THE STORY of Hans Castorp, which we would here set forth, not on his own account, for in him the reader will make acquaintance with a simple-minded though pleasing young man, but for the sake of the story itself, which seems to us highly worth telling—though it must needs be borne in mind, in Hans Castorp’s behalf, that it is his story, and not every story happens to everybody—this story, we say, belongs to the long ago; is already, so to speak, covered with historic mould, and unquestionably to be presented in the tense best suited to a narrative out of the depth or the past.
That should be no drawback to a story, but rather the reverse. Since histories must be in the past, then the more past the better, it would seem, for them in their character as histories, and for him, the teller of them, rounding wizard of times gone by. With this story, moreover, it stands as it does to-day with human beings, not least among them writers of tales: it is far older than its years; its age may not be measured by length of days, nor the weight of time on its head reckoned by the rising or setting of suns. In a word, the degree of its antiquity has noways to do with the passage of time—in which statement the author intentionally touches upon the strange and questionable double nature of that riddling element.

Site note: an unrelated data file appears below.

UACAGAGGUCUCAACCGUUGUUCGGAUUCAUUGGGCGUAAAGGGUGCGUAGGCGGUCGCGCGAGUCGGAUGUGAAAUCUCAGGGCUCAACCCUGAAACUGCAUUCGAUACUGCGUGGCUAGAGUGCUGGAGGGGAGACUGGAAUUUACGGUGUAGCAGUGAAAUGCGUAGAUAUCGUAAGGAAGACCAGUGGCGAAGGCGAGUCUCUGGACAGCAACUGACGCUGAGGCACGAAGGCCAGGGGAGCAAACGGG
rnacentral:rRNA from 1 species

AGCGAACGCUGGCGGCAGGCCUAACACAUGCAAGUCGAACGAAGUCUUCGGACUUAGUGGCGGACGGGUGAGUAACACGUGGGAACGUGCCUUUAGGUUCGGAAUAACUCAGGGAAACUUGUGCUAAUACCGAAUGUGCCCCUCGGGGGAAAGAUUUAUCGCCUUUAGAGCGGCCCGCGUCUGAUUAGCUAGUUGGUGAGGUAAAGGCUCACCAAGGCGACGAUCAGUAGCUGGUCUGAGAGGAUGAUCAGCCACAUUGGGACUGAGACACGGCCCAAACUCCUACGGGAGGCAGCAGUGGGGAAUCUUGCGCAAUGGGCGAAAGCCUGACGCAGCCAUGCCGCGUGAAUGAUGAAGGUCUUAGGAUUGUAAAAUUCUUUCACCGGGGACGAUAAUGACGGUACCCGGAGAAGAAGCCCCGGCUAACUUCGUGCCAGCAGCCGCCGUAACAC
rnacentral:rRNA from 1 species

But we would not wilfully obscure a plain matter. The exaggerated pastness of our narrative is due to its taking place before the epoch when a certain crisis shattered its way through life and consciousness and left a deep chasm behind. It takes place—or, rather, deliberately to avoid the present tense, it took place, and had taken place—in the long ago, in the old days, the days of the world before the Great War, in the beginning of which so much began that has scarcely yet left off beginning. Yes, it took place before that; yet not so long before. Is not the pastness of the past the profounder, the completer, the more legendary, the more immediately before the present it falls? More than that, our story has, of its own nature, something of the legend about it now and again.
We shall tell it at length, thoroughly, in detail—for when did a narrative seem too long or too short by reason of the actual time or space it took up? We do not fear being called meticulous, inclining as we do to the view that only the exhaustive can be truly interesting.
Not all in a minute, then, will the narrator be finished with the story of our Hans. The seven days of a week will not suffice, no, nor seven months either. Best not too soon make too plain how much mortal time must pass over his head while he sits spun round in his spell. Heaven forbid it should be seven years! And now we begin.